Pieces of a dream: If you think about it, that's what job interviews
are. And the better your candidates perform, the more likely your dreams
will come true.
Unfortunately, there's no industry standard for interview preparation. A
hands-off approach saves time, but produces an ill-informed and
potentially toxic candidate. On the other hand, a hyper-prepped
candidate requires a huge investment in time and might come across as
slick, canned or phony.
As in most aspects of recruiting, it's best to strike a balance between
two extremes and keep things quick, simple and easy to remember. After
all, your goal is to give your candidates guidance without wallpapering
over their soulsor their spontaneity.
Here are five essential points to discuss:
1. Presentation. First impressions are important, so make sure
your candidates' wardrobe, hygiene and accessories (including resumes
and/or samples of their work) are appropriate for the interview. If you
can't meet with your candidates in person, run through a checklist the
night before the sendout.
2. Self-confidence. A resume or referral got them in the door, but their
ability to sell themselves will get them the job. If your candidates
don't believe they have what it takes to succeed, the employer won't,
3. Critical skills. Most jobs have a single piece of work that takes
priority over everything else. During the interview, your candidates
will need to find outor confirmwhat's most important to the employer and
explain how they can solve the problem. If the employer can't visualize
a candidate as the solution, the person probably won't get hired.
4. Demeanor. Employers are quick to hire candidates who are upbeat,
engaged and enthusiastic. But they're just as quick to take a pass on
those who are dour, detached and listless. Remind your candidates that
people are hired and fired for reasons other than their skills, so an
attitude adjustment may be necessary prior to the interview.
5. Empathy. Understanding how others feelwithout criticizing or passing
judgmentis the single most important "soft skill" in business. And in
the context of a job interview, an expression of empathy will help your
candidates sidestep a multitude of common landmines.
For example, if your candidate has been treated unfairly by a former
boss, he can either fall into a familiar trap and criticize his boss and
vent his frustration (which is a mistake); or he can take the high road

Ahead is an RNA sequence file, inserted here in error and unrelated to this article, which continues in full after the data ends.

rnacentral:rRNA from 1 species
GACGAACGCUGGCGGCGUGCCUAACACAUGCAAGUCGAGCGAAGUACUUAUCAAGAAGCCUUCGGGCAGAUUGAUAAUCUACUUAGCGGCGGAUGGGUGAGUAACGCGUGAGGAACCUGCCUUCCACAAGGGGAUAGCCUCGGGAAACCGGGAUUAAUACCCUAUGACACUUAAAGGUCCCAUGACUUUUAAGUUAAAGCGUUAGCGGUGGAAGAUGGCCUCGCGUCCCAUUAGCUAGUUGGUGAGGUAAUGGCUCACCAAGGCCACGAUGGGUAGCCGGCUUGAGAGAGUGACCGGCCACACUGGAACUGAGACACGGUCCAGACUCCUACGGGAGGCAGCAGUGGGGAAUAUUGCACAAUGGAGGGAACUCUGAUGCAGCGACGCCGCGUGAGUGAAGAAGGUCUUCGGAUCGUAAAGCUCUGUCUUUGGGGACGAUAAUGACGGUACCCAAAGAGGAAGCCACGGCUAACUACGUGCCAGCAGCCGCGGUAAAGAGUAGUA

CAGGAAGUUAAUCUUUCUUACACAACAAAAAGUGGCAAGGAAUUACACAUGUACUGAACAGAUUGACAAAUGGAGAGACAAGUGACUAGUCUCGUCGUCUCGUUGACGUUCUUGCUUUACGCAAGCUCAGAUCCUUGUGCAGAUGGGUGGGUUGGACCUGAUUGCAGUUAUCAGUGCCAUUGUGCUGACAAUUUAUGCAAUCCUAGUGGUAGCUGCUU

by shrugging off the abusive behavior as a result of all the pressure
his manager must be feeling in order to turn a profit. If you were the
interviewer, who would you rather hire: a disgruntled candidate or a
candidate who looks at his situation in a mature and thoughtful way?
Heres another example. An empathetic candidates will downplay his own
salary needs during the interview and focus instead on how he can help
the new employer achieve his companys goals. See how the candidate
sidesteps the issue of money? All things being equal, the greater a
candidate's demonstration of empathy, the greater the odds of being
hired, particularly when being considered for a management role.
Two Tiers of Interview Prep
I spent the early part of my recruiting career placing low- to mid-level
engineering candidates. Later on, as I began to place director-level and
C-level candidates, I found their interview preparation needs to be very
Generally speaking, the lower the level of candidate, the more guidance
they need with respect to basic interviewing technique and how to answer
specific questions related to their technical skills. In other words,
the more junior the candidate, the narrower their focus on the job
during the interview.
As candidates are promoted into broader levels of responsibility, their
field of vision broadens as well. As a result, managerial candidates
don't need to be coached on their interviewing technique or on how to
solve specific technical problems. Instead, they need hard information
about the prospective employer's market position, strategic vision and
I've often noticed a peculiar similarity between parenting and
recruiting. Those in your care need to feel safe and have the resources
to succeed. As a parent or a recruiter, that's your responsibility to
your children or your candidates. But at a certain point you need to let
go, keep your fingers crossedand hope their dreams come true.